Better be prepared
Norway is famous for its outdoor activities in untouched nature. A hiking trip can be one of the best experiences of your life, but it can be dangerous too. Vegard Petersen from the Norwegian Trekking Association DNT tells us what to consider before going on a hike.
“I can't guarantee that international students don't get lost in the woods but we do our best”, says Vegard in DNT's trekking shop, located in Storgata in the city centre of Oslo. The Norwegian Trekking Association is the biggest outdoor activities organisation in the country. It offer tours, rents out cabins, marks tracks in Norwegian forests and produces maps.
Vegard points at one map and says: “If you go on a hike, you should always take it with you.” DNT gives maps out for free to help hikers follow footpaths and find cabins.
DNT members can rent a staffed or self-service cabin or hytte for an affordable price. “Make sure that the cabin you want to reach is open”, recommends Vegard and gives an introduction in how to book a cabin online. “By the beginning of July all our cabins should be maintained, that's when the main hiking season in Norway starts”, says Vegard. But at many places hiking starts earlier, especially if you carry a tent with you. Camping is legal almost everywhere in Norway. “With a tent, you are not dependent on reaching the next cabin, although the maximum walking distance to all our cabins in Nordmarka and Østmarka (the area around Oslo) is about three hours”, says Vegard.
Hiking in the area around Oslo
Nordmarka is the mostly forested region which makes up the northern part of Oslo. Several lakes are located in Nordmarka like Maridalsvannet, used as a supply for drinking water, and Sognsvann which is a good starting point for hikes. All you have to do is to take metro 5 and get off at the final stop. During the period from December to March, you will come across people carrying their cross-country skis with them, as well as on the way up to Holmenkollen, the famous ski jump. But also in Østmarka, the forested area to Oslo's east, you can find a couple of hiking spots which are reachable by bus, tram or metro.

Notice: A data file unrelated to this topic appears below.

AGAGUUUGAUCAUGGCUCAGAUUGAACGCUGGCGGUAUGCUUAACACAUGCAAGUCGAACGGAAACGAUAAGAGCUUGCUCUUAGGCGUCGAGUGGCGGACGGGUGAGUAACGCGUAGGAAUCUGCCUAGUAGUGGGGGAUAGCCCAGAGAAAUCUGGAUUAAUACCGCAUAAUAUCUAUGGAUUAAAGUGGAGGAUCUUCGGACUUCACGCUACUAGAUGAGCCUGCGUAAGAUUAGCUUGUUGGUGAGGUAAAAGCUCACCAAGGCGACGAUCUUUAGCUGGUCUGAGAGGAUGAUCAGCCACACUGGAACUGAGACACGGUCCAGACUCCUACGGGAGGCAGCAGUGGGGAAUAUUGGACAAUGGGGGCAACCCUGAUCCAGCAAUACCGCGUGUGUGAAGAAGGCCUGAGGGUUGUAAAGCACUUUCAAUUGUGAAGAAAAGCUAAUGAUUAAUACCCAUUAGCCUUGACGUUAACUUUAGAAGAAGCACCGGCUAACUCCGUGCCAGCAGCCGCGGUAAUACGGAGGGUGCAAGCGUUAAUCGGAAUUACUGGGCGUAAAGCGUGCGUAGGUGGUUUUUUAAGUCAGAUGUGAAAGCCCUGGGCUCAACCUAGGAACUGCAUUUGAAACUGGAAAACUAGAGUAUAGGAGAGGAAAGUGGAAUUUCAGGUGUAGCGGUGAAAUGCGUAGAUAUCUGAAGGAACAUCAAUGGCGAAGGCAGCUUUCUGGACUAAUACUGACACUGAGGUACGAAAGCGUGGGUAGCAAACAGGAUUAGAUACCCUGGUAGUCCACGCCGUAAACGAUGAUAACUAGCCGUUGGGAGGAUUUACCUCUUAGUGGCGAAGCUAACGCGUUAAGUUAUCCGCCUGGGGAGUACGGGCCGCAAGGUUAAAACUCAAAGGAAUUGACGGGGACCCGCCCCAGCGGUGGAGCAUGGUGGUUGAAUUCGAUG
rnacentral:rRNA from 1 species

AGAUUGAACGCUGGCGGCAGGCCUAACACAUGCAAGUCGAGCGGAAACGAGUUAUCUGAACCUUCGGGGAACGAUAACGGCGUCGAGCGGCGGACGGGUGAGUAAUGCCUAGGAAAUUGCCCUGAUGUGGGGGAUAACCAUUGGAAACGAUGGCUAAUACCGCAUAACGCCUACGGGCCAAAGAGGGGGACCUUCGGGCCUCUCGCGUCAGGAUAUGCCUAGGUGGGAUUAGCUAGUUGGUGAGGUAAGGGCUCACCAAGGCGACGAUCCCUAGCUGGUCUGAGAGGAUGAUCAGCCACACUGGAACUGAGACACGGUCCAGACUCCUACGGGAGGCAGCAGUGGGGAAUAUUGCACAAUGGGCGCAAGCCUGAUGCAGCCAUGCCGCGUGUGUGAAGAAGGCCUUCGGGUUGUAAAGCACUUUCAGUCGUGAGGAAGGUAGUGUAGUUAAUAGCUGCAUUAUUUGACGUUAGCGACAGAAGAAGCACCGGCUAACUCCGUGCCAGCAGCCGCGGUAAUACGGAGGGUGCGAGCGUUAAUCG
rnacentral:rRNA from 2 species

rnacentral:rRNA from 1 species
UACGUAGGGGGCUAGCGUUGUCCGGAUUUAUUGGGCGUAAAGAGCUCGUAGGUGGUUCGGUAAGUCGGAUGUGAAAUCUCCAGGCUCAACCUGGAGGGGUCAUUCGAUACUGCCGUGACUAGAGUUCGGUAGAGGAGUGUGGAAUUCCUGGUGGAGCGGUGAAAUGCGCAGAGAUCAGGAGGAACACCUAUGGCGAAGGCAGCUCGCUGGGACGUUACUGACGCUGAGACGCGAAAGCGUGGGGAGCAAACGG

And beyond the big city…
Apart from Oslo, famous hiking destinations are accessible by public transport too. “Trolltunga is a very popular hiking spot for international students. In summer there is a shuttle bus which takes you to the starting point”, says Vegard and mentions that DNT has one cabin which is close to the Trolltunga rock. “It takes approximately 8 hours to walk back and forth”, says Vegard. While the hike to Trolltunga and Kjeragbolten, destinations we know from numerous Facebook pictures, can be quite challenging, Preikestolen is something for people who don't want to climb up mountains for an entire day.
Tips for your trip
No matter where and when you decide to experience Norway's mountains, there are some things you should keep in mind before you start to head for the peaks. Vegard from DNT Oslo helps with some tips: “It's quite common that people want to start hiking too early in the season. Check the regional weather forecast. Our list is helpful if you want to make sure that you carry the right equipment with you. One last but very important thing: If an accident happens, call 1-1-3.”